Patriots Don’t Use Franchise Tag on Flowers
By Kevin Duffy
FOXBORO -- Trey Flowers positioned himself for a massive payday after a dominant 2018 campaign and another New England Patriots Super Bowl.
And the developments of the past few days have sent Flowers’ market soaring even higher.
Star pass-rusher DeMarcus Lawrence, the consensus No. 1 free agent available, was given the franchise tag by the Cowboys. The Texans franchised Jadeveon Clowney. The Chiefs did the same with Dee Ford. And the Seahawks tagged Frank Clark.
But the deadline passed and the Patriots declined to franchise Flowers, making him an unrestricted free agent.
Now arguably the No. 1 defensive end available, Flowers will likely command top dollar when free agency opens on March 13.
The Patriots’ decision to bypass the use of the franchise tag comes as no surprise. After utilizing the tag every year from 2009-12 (on Matt Cassel, Vince Wilfork, Logan Mankins, and Wes Welker), they’ve pulled it only one year since, tagging Stephen Gostkowski in 2015 and eventually coming to an agreement on a long-term deal.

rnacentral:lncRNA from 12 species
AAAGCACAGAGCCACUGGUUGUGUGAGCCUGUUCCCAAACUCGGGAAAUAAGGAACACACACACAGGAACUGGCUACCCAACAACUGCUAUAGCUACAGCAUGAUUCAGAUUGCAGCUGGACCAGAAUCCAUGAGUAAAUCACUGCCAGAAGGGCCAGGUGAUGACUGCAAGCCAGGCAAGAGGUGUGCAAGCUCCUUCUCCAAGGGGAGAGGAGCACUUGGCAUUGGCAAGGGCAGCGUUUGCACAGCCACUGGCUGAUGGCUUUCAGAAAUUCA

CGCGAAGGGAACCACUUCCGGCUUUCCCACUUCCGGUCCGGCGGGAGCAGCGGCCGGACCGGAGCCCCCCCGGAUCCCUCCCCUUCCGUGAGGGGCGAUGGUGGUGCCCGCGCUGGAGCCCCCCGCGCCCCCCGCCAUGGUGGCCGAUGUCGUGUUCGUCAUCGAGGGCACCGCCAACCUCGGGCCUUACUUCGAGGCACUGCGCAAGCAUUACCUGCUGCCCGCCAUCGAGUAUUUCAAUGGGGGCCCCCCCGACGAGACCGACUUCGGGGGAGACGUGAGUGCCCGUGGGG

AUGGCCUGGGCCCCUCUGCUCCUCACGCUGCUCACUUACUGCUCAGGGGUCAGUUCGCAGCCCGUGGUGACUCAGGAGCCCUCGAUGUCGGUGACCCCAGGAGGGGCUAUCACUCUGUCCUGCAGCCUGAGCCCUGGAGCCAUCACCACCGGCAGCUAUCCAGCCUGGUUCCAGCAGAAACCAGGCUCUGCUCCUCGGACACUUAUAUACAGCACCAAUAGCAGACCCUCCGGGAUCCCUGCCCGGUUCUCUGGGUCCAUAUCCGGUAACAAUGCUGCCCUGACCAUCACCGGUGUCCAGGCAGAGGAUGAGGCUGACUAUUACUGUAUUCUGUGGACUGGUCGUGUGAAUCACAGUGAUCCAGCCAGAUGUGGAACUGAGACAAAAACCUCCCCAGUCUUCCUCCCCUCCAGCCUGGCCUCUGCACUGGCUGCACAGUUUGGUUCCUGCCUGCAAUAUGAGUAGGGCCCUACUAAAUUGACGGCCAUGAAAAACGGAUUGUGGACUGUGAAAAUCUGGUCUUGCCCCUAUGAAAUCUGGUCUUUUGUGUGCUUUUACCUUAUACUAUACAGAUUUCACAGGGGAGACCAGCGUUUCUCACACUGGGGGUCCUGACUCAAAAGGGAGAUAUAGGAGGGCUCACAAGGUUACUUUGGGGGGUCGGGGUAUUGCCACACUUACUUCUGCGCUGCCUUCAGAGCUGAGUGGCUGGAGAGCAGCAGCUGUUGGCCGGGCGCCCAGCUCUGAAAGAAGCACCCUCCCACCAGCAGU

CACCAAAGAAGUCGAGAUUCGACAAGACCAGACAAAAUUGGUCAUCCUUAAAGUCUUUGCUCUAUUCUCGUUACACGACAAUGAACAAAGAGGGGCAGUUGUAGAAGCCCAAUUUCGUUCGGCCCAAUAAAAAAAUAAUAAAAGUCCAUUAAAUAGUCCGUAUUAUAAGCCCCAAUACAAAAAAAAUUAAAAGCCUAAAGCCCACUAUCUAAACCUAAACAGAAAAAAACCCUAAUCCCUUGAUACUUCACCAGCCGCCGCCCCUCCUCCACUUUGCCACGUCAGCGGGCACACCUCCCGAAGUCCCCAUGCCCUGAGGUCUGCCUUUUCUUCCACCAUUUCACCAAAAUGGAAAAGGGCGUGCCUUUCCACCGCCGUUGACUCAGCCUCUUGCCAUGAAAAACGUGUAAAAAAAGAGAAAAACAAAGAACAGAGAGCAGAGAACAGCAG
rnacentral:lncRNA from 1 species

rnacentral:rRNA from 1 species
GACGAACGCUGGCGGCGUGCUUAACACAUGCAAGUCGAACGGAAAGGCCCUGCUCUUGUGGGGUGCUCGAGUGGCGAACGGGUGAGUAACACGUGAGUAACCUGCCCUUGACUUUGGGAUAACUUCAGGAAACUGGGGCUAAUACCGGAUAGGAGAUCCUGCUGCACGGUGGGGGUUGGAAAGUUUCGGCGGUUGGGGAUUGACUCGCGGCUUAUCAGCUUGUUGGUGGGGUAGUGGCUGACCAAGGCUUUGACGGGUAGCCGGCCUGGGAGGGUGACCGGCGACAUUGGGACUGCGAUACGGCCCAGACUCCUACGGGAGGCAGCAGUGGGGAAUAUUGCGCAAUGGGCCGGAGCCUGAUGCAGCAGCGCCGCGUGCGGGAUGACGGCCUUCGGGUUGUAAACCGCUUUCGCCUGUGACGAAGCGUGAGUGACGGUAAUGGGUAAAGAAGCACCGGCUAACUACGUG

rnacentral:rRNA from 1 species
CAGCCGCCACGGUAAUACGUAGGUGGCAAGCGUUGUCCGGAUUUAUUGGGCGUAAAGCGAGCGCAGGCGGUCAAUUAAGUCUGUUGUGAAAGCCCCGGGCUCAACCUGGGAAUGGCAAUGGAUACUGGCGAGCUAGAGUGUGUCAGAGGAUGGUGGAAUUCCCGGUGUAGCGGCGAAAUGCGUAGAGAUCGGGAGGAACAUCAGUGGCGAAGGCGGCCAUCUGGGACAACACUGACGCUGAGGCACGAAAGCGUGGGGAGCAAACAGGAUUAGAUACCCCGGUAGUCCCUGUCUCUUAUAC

The question now: How high will the Pats be willing to go in their effort to re-sign Flowers?
The franchise tag would have paid Flowers over $17 million in 2019, a figure the Patriots likely deemed too high given the other needs on the roster.
The Pats are operating with approximately $24 million in cap space following the release of tight end Dwayne Allen. Their division rivals, the Jets and Bills, respectively enter free agency with $102 million and $79 million in space, according to OverTheCap.com . They’ve gotten a close look at Flowers throughout the years. Other suitors could include the Dolphins and Lions, which are coached by former Patriots defensive coordinators Brian Flores and Matt Patricia.
Flowers recorded 7.5 sacks a year ago, but contributed in ways that went beyond the box score. He often rushed from an interior position on third downs, absorbing two blockers and creating rushing lanes for teammates. A fourth-round pick out of Arkansas in 2015, Flowers was elevated to a starting role in 2016 following the Patriots’ trade of Chandler Jones. He excelled in three seasons as the starter, helping the Pats to two Super Bowls.
The other tag candidate on the Patriots roster was Gostkowski, who converted 84.4 percent of his field goals this past season, ranking 20th in the league.
The tag would have paid Gostkowski $4.9 million for the 2019 season. The 35-year-old kicker just completed a four-year deal that paid him $17.2 million.